Mutant strains of the COVID-19 virus are forcing governments to revaluate their travel restrictions, and the United Kingdom is the latest to beef up border security.
U.K. officials on Wednesday (Jan. 27) announced a mandatory hotel requirement for nationals returning from “red list” countries.
British people returning from a high-risk country will be placed in a government-regulated facility, such as a hotel, for ten days, Prime Minister Boris Johnson said.
The strict rules come as the U.K. enhances border controls to try and halt the spread of the coronavirus and variants of the disease, which has ravaged the region. Yesterday (Jan. 26), the U.K. announced 100,000 coronavirus deaths, becoming the first country in Europe to do so.
Travellers must pay
Under the new rules, non-U.K. residents will be refused entry, while British citizens and permanent residents will be picked up from the airport and transferred to their quarantine site.
Travellers will have to pay for their meals and hotel stay, which could end up costing several thousands of dollars.
"I want to make clear that under the stay-at-home regulations it is illegal to leave home to travel abroad for leisure purposes and we will enforce this at ports and airports by asking people why they are leaving and instructing them to return home if they do not have a valid reason to travel," said Prime Minister Johnson.
Those who wish to travel outside of the U.K. will be required to provide a declaration that states their trip is essential.
The “red list” of countries has yet to be released and the new rules may take a couple of weeks to kick in as hotels are reportedly still being prepared.
A sign of what’s to come?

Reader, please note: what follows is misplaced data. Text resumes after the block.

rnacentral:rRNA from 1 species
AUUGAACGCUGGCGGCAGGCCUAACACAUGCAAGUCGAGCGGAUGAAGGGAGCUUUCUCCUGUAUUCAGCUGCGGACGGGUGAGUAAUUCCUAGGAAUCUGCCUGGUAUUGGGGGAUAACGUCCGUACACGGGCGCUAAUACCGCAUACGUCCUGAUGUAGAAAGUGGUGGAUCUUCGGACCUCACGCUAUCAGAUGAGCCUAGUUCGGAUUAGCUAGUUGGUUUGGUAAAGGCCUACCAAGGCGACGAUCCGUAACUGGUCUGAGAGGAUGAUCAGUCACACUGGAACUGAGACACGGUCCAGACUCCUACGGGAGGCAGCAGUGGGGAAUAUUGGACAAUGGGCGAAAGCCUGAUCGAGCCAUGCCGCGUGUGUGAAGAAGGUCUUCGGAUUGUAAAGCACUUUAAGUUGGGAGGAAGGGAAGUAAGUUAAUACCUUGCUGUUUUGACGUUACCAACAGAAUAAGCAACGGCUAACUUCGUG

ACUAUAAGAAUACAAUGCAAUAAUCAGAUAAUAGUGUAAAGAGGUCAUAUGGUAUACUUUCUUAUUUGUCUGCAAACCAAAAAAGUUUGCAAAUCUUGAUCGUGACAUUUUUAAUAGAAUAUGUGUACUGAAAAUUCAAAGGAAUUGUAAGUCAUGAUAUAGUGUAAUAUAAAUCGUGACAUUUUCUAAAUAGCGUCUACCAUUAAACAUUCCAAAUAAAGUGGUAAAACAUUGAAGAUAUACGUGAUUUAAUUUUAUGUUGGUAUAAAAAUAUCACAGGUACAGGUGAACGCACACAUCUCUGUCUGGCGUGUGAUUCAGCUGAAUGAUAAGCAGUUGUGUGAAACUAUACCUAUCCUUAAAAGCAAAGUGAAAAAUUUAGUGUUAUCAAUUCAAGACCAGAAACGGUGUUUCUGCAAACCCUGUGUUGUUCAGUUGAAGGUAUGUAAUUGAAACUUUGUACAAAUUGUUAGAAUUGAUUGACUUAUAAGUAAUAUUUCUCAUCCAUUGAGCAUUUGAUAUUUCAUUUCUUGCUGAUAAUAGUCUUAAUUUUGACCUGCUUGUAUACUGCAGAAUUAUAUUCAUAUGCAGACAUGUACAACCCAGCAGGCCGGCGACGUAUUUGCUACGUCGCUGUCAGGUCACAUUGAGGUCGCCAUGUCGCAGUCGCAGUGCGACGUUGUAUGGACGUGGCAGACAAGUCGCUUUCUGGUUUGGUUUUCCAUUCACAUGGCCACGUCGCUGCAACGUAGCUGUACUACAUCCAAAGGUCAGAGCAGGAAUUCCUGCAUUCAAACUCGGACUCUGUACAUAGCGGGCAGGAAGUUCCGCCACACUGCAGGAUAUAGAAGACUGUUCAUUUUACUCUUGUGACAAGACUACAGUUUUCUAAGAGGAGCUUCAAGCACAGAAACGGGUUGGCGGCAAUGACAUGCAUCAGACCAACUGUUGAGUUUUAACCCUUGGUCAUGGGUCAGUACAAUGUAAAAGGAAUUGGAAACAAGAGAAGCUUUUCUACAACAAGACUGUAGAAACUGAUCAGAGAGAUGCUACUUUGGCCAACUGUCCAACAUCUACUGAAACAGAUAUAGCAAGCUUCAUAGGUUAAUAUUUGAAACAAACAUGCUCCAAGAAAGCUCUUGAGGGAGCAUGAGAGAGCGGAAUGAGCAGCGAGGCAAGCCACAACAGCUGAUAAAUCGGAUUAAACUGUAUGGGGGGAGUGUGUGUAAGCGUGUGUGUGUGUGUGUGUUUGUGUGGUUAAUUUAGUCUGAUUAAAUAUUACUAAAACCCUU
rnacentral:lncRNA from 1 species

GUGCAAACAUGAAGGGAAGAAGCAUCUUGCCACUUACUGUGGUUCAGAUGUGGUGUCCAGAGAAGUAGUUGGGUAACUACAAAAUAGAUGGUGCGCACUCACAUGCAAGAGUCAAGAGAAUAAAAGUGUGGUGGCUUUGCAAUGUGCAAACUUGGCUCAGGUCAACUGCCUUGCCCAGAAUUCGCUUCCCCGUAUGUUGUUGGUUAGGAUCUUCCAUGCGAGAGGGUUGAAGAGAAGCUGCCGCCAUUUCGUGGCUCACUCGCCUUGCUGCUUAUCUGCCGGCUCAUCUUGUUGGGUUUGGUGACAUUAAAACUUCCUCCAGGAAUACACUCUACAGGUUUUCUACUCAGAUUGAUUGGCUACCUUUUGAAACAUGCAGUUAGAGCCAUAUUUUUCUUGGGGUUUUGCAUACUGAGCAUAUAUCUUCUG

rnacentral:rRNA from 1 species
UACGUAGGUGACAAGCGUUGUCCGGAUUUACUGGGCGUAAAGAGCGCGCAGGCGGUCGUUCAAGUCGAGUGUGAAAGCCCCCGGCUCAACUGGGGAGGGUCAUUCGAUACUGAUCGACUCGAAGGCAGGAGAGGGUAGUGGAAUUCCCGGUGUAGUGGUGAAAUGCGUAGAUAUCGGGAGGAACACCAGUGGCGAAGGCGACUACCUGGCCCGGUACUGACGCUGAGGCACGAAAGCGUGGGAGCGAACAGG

The U.K.’s new travel rules may be a sign of what’s to come in Canada as the Trudeau government looks at new ways of strengthening travel restrictions and discouraging non-essential travel amid the pandemic.
Prime Minister Justin Trudeau is expected to reveal new measures this week and the government unveiling a compulsory hotel quarantine is a real possibility.
Speaking to press on Monday, Trudeau said that “all options are on the table” as far as enhancing travel restrictions go.
“We will not hesitate to take tougher measures if and when they’re needed,” he said. “The bad choices of a few will never be allowed to put everyone else in danger.”
Trudeau has acknowledged that travel isn’t a super spreader for COVID-19 (just 1.8 per cent of all COVID-19 cases in Canada are connected to international travel, Ottawa says).
“We know that, right now, only a small proportion of infections are caused by Canadians coming back to the country,” Trudeau said. “That being said, let me be clear, every case is a case too many.”
Foreign Affairs Minister Marc Garneau, in speaking with CBC, said the federal government isn’t ruling out invoking the Emergencies Act to further restrict non-essential travel.
The Emergencies Act gives cabinet the power to regulate or prohibit travel "to, from or within any specified area, where necessary for the protection of the health or safety of individuals."
"We are looking at all potential actions to make sure that we can achieve our aims. The Emergencies Act is something you don't consider lightly," Garneau said.
Trudeau has also said that he is looking at banning certain flights, “if necessary,” as coronavirus variants spread.
“These measures will make it more difficult for Canadians to come home after a trip,” Trudeau said last week at a media briefing.
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